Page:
Ron Biendseil was hopeful that the school district’s participation was a sign of improved communication. Dialogue between the district, teachers union and Urban League needs to change, he said between sessions Friday. “It needs to move from the institutional level to the human level,” said Biendseil, a retired youth services coordinator for Dane County. “There’s been a lot of name-calling and vilification, and that’s not productive.”
Caire joked about allegations of his ties to hard-right organizations on Friday, telling audience members whom he was imploring to support the Urban League’s education efforts that “you have all been brought in to the right-wing conspiracy — when you leave here, you have joined the party.”
“Call your school board member,” he told the crowd. “Tell them we need change — and it’s going to be uncomfortable change, because that’s what it takes.”
Caire told me that the school district and teachers union aren’t ready to give up their control over the school system. “The teachers union should be the entity that embraces change. The resources they get from the public should be used for the children’s advantage. What we’re saying is, ‘Be flexible, look at that contract and see how you can do what works.’”
Madison Teachers Inc. head John Matthews responded in an email to me that MTI contracts often include proposals aimed at improving education, in the best interests of students. “What Mr. Caire apparently objects to is that the contract provides those whom MTI represents due process and social justice, workplace justice that all employees deserve.”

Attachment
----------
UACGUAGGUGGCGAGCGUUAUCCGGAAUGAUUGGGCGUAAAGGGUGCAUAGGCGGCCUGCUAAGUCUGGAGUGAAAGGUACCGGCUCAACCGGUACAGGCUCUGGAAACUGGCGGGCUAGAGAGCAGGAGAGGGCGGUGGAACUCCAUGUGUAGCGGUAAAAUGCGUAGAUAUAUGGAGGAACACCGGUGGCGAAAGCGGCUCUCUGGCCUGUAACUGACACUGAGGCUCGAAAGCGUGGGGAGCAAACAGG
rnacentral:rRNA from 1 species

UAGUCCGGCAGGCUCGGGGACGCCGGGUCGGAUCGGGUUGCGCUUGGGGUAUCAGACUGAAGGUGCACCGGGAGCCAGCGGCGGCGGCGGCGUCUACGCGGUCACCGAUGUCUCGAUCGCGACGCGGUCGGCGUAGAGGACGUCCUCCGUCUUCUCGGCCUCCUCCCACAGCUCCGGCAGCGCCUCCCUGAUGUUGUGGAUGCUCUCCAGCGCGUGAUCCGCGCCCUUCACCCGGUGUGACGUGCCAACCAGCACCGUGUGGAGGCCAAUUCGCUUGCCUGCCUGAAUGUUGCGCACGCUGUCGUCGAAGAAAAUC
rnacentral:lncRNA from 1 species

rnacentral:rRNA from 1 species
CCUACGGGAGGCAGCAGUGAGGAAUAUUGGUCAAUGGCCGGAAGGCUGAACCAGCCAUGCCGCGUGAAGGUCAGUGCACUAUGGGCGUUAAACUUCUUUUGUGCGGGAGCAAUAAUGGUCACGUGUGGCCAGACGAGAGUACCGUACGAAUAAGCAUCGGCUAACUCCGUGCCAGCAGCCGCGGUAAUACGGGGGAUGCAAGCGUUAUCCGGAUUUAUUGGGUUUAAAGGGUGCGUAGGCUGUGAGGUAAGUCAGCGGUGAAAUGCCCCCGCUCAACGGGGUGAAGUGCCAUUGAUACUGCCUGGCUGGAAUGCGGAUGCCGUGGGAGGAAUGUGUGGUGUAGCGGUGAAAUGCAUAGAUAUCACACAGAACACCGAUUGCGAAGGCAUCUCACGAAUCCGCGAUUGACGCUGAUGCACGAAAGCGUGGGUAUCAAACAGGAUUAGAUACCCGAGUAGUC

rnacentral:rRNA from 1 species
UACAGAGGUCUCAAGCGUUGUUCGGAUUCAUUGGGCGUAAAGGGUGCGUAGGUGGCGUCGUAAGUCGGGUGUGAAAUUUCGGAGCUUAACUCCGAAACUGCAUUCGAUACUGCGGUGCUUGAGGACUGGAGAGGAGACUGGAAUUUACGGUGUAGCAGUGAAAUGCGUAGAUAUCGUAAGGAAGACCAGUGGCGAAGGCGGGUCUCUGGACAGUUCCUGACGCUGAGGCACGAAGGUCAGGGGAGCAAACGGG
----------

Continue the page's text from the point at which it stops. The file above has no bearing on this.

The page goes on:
If Caire has his way, Madison — and the state — are up for another round of debate over how radically to change education infrastructure to boost achievement of students of color.
He vowed Friday not only to bring back the Madison Prep charter school proposal (“we’re just determining when”), but also to pursue legislation to establish state education innovation funds for schools and school districts.
Caire, who backed a controversial 2011 GOP bill that would have taken control over approving funding for charter schools from local school boards and given it to the state, says the new legislation he’ll ask his board to endorse would target the achievement gap.
“It will address chronically low-performing schools and focus on preparing children for higher education, entrepreneurship and high-vacancy employment in their areas,” Caire told the crowd Friday.
“It’s not about the dialogue we have — it’s about what we do after the dialogue,” he said.